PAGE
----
A funny, and somewhat unexpected, thing happened today. Yahoo, now with Marissa Mayer at the helm, decided that it was time to bring an all-new experience to the world when it comes to photo sharing and hosting. It’s a whole lot of new for Flickr’s site and iOS app, and a bit of old nostalgia at play today, which is quite refreshing.
Flickr has come a long way, and not in the prettiest of fashion either. What started out as a fantastic photo service, became a shell of itself once Yahoo! purchased the company behind it, Ludicorp, in March 2005 for a reported $35M. The co-founders left in 2008, and so did its heart. When Mayer was hired as CEO, hope came back.
One of the killer features of the new Flickr app that most people haven’t picked up on yet is the fact that it’s super simple to build up, and update, your social graph on Flickr. Yes, playing nice with other companies does have its upside. By simply tapping into your Facebook, Twitter, and address book contacts, you can completely bring Flickr back to life for your friends and for yourself.
It’s quite simple. Let’s not forget that you can also share all of your photos to these services with simplicity.
All you have to do is open the app and start connecting your accounts if they’re not already. With a simple people picker, you can start sending friend requests from Flickr. Some of those folks are already using the service, since basically everyone has a Yahoo account from “back in the day.” I’ve personally been getting requests all morning, and it’s nice.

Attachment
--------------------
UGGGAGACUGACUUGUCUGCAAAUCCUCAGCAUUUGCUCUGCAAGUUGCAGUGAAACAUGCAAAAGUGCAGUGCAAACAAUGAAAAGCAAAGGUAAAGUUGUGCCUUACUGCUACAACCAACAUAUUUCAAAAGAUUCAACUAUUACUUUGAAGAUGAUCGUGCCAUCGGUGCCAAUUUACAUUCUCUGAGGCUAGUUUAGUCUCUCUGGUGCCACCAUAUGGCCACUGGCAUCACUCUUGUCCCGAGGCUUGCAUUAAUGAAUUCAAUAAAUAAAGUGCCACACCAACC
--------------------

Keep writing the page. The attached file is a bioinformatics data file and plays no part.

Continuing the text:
Below, you can see how simple it is to connect with existing friends using the Flickr app:
Will they be shut down by Facebook and Twitter? Let’s hope not.
The power of all of this is that Yahoo has chosen to be a partnership-friendly company, basically, not compete with everyone else. With that approach, they are indeed competing with everyone, but in a nicer way. Twitter doesn’t care where you share photos from really, as long as it’s a great experience for its users. Flickr nailed that with Twitter Card integration.
When it comes to Instagram and Facebook, locking the photos away is clearly not what Flickr is all about. The company says that it wants to promote and enable content creators, not hide their work away. This approach can win. I predict that this approach will win.
And by win, I mean, become a leader in the photo space once again. You remember, everyone was on Flickr, talking about Flickr and using Flickr. Will it happen again? Can it? Let’s wait and see.
Perhaps it’s “she”, in this case. Let’s just say “whomever”.
Updated for backstory and clarity sake